Robot exoskeleton gets patients back on their feet

Indego exoskelton, Mary Free Bed Rehabilitation Hospital
Brittany Yeomans uses the Indego exoskeleton during therapy at Mary Free Bed Rehabilitation Hospital in Grand Rapids. (Dec. 11, 2017)


GRAND RAPIDS, Mich. (WOOD) — It might sound futuristic, but right now, a robotic suit is helping Mary Free Bed Rehabilitation Hospital patients who are paralyzed.

Brittany Yeomans was only 21 years old in May 2013 when her life changed forever in a motorcycle crash.

“I was a passenger on a Harley and a car pulled out in front of me and the guy that was riding. His name was Chris,” Yeomans said.

Chris didn’t survive the crash. The spinal cord injury Yeomans sustained left her paralyzed.

“When the doctor told me I was paralyzed and that I wasn’t going to walk again, I was just kind of like, ‘OK, I’ll show you,'” Yeomans said.

Now, the Indego exoskeleton is allowing Yeomans to be back on her feet.

“It’s basically a robotic suit that helps people move their limbs whether they have muscle function in the legs or not,” physical therapist Jessica Larson, who’s part of the spinal cord injury program at Mary Free Bed Rehabilitation Hospital in Grand Rapids, explained Indego.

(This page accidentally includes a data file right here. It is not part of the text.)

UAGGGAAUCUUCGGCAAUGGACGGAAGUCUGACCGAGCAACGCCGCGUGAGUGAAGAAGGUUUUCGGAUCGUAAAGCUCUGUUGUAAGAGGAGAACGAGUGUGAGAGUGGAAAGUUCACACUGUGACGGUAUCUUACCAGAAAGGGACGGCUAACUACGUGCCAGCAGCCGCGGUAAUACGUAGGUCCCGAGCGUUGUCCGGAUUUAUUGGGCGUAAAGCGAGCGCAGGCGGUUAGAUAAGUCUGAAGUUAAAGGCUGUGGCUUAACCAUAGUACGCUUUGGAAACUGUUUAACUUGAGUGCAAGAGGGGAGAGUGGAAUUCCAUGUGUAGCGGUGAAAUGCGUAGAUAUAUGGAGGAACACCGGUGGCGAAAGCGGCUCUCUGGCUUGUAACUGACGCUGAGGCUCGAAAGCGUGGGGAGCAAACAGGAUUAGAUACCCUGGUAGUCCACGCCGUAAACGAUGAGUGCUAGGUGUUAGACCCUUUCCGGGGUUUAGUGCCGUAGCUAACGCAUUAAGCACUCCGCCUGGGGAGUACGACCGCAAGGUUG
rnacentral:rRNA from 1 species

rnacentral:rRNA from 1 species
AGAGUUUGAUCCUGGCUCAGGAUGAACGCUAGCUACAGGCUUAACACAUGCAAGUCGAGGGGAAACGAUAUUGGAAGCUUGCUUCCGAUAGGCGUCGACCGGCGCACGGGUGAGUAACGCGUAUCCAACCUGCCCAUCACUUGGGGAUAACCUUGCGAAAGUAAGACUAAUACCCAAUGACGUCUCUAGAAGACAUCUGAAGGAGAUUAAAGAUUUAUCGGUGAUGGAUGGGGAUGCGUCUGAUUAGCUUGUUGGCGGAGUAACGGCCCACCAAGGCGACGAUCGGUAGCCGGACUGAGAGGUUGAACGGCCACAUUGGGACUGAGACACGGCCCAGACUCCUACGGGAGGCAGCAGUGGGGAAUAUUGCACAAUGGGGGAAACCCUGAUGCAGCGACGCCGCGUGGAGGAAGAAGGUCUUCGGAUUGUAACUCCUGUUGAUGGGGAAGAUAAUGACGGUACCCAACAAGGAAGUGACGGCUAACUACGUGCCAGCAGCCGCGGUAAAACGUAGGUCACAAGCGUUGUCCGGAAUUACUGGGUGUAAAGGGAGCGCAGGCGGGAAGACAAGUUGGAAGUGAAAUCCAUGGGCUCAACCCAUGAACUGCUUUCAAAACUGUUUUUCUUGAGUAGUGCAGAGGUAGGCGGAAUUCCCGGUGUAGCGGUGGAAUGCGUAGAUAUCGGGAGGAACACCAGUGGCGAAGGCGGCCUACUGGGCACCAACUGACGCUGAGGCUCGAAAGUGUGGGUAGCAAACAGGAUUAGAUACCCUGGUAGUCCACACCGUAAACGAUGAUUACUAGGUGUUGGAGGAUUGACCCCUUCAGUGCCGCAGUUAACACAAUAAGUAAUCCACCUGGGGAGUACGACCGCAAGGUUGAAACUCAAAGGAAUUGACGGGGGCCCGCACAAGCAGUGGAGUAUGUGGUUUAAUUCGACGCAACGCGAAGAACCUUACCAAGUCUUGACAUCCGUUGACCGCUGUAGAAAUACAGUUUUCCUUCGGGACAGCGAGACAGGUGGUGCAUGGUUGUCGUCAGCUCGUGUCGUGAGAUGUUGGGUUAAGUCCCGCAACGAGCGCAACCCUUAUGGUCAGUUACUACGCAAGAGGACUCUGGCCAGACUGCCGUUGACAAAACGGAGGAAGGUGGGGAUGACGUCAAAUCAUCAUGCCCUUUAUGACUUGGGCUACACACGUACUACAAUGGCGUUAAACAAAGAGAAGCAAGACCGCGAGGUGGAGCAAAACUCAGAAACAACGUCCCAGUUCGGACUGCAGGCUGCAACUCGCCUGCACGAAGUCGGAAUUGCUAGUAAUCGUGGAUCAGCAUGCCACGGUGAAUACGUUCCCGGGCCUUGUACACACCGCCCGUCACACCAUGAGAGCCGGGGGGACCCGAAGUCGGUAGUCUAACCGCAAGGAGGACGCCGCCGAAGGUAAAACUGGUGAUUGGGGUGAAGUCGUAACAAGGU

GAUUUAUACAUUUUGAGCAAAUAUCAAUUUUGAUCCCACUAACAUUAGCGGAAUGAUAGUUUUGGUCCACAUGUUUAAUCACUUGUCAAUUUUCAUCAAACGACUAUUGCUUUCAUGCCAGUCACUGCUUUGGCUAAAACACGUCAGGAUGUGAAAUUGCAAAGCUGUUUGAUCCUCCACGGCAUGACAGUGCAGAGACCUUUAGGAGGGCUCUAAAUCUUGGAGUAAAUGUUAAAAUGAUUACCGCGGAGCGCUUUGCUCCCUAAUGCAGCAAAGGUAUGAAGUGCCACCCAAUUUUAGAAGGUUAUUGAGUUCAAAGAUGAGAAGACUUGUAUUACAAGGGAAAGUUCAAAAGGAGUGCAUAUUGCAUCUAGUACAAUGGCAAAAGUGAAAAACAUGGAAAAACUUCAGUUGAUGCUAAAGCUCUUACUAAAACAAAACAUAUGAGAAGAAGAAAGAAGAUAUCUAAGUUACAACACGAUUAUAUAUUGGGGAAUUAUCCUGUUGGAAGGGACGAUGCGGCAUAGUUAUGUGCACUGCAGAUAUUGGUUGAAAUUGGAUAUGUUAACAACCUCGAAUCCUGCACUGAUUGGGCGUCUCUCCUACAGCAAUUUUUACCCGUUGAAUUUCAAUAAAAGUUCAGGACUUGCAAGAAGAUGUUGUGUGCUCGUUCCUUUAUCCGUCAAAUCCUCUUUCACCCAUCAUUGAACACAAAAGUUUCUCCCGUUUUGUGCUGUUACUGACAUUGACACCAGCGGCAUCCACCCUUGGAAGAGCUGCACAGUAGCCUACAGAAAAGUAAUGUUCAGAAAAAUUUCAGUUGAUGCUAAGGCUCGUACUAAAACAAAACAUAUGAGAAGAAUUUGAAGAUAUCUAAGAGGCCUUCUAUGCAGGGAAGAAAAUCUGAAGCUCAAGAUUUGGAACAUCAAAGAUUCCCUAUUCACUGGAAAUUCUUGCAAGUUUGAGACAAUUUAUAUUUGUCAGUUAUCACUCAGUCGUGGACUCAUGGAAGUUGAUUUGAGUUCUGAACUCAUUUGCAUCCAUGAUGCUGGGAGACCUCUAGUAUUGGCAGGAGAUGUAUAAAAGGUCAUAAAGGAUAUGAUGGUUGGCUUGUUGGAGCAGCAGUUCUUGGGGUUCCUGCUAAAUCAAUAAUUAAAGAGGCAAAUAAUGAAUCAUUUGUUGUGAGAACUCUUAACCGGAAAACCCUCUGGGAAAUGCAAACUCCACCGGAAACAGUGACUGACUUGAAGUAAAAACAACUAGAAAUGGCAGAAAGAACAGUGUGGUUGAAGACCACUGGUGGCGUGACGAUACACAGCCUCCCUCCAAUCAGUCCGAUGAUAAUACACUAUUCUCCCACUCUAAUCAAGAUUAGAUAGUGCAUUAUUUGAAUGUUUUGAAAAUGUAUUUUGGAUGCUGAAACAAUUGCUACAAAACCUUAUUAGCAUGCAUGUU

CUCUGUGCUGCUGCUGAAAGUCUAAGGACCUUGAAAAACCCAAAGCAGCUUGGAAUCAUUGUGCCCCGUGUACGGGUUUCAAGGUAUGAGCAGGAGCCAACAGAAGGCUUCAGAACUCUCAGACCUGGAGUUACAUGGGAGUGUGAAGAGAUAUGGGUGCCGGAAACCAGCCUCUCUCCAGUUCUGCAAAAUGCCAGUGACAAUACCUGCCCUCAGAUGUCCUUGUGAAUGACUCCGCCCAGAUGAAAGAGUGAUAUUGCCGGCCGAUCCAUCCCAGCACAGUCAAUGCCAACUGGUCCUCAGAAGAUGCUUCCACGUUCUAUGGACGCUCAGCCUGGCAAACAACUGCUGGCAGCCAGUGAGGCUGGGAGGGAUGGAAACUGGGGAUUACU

“To be able to be up and to have the motion of walking is amazing,” Yeomans said.

While Yeomans keeps her focus on walking on her own again someday, her doctors and physical therapists are focusing on other benefits.

“We utilize it for upright positioning, which has tremendous benefits for bone density, circulation, GI functioning; it reduces spasticity of the muscles, reduces muscle contractures,” Larson said.

It also helps with circulation and cardiovascular health.

Yeomans can’t take the exoskeleton home. The $180,000 device belongs to Mary Free Bed, the first hospital in the state to have an Indego.

Weighing in at 26 pounds, the Indego exoskeleton is battery-powered and can track a patient’s progress.

“It’s a way the person can challenge their body in a way that is not possible with other equipment,” Larson said.

Four physical therapists with Mary Free Bed’s Spinal Cord Injury Program completed 32 hours each of training to make sure they’re helping patients use the device correctly.

“I’ve been doing this for about two months in this suit and … as time has passed, I feel like I could walk out of it. It feels so natural,” Yeomans said.